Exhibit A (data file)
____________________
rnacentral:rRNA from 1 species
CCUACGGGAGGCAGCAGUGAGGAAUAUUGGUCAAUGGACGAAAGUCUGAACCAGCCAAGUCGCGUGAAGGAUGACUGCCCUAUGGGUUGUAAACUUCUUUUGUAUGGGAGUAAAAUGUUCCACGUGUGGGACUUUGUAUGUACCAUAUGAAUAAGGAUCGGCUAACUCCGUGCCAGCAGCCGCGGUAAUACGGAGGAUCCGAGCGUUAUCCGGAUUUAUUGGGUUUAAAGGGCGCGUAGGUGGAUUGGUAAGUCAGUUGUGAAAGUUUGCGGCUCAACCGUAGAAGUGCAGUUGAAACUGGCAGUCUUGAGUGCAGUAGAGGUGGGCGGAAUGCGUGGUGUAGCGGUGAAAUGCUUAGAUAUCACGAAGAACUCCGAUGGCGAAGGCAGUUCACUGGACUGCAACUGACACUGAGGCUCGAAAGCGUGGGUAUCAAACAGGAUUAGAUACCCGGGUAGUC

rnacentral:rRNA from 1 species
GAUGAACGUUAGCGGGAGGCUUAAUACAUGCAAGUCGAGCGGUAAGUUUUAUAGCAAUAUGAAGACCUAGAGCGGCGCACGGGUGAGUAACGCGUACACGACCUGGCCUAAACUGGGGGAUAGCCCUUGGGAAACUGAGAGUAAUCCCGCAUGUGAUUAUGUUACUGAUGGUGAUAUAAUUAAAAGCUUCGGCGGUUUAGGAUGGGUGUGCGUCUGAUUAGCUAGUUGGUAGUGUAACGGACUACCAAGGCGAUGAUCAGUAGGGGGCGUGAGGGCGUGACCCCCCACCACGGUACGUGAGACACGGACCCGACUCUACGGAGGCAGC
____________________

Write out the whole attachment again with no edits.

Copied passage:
rnacentral:rRNA from 1 species
CCUACGGGAGGCAGCAGUGAGGAAUAUUGGUCAAUGGACGAAAGUCUGAACCAGCCAAGUCGCGUGAAGGAUGACUGCCCUAUGGGUUGUAAACUUCUUUUGUAUGGGAGUAAAAUGUUCCACGUGUGGGACUUUGUAUGUACCAUAUGAAUAAGGAUCGGCUAACUCCGUGCCAGCAGCCGCGGUAAUACGGAGGAUCCGAGCGUUAUCCGGAUUUAUUGGGUUUAAAGGGCGCGUAGGUGGAUUGGUAAGUCAGUUGUGAAAGUUUGCGGCUCAACCGUAGAAGUGCAGUUGAAACUGGCAGUCUUGAGUGCAGUAGAGGUGGGCGGAAUGCGUGGUGUAGCGGUGAAAUGCUUAGAUAUCACGAAGAACUCCGAUGGCGAAGGCAGUUCACUGGACUGCAACUGACACUGAGGCUCGAAAGCGUGGGUAUCAAACAGGAUUAGAUACCCGGGUAGUC

rnacentral:rRNA from 1 species
GAUGAACGUUAGCGGGAGGCUUAAUACAUGCAAGUCGAGCGGUAAGUUUUAUAGCAAUAUGAAGACCUAGAGCGGCGCACGGGUGAGUAACGCGUACACGACCUGGCCUAAACUGGGGGAUAGCCCUUGGGAAACUGAGAGUAAUCCCGCAUGUGAUUAUGUUACUGAUGGUGAUAUAAUUAAAAGCUUCGGCGGUUUAGGAUGGGUGUGCGUCUGAUUAGCUAGUUGGUAGUGUAACGGACUACCAAGGCGAUGAUCAGUAGGGGGCGUGAGGGCGUGACCCCCCACCACGGUACGUGAGACACGGACCCGACUCUACGGAGGCAGC